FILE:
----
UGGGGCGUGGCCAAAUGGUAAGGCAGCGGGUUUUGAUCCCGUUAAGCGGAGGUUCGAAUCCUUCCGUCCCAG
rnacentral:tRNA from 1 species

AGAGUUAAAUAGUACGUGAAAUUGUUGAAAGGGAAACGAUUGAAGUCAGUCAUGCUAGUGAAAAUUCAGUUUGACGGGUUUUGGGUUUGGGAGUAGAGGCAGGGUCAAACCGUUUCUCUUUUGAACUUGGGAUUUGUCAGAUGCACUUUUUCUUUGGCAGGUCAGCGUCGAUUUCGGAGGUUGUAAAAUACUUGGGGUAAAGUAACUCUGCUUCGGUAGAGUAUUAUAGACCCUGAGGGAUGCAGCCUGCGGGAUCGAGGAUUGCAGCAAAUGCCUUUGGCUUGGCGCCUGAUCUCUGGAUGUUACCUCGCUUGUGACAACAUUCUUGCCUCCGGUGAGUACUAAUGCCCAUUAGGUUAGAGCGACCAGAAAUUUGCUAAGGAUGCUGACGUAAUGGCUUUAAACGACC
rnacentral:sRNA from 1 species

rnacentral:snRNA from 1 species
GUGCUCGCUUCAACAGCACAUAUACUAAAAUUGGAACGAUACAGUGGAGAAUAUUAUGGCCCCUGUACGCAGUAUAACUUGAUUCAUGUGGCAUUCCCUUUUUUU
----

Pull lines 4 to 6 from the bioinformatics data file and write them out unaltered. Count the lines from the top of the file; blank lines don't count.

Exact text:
rnacentral:sRNA from 1 species

rnacentral:snRNA from 1 species
GUGCUCGCUUCAACAGCACAUAUACUAAAAUUGGAACGAUACAGUGGAGAAUAUUAUGGCCCCUGUACGCAGUAUAACUUGAUUCAUGUGGCAUUCCCUUUUUUU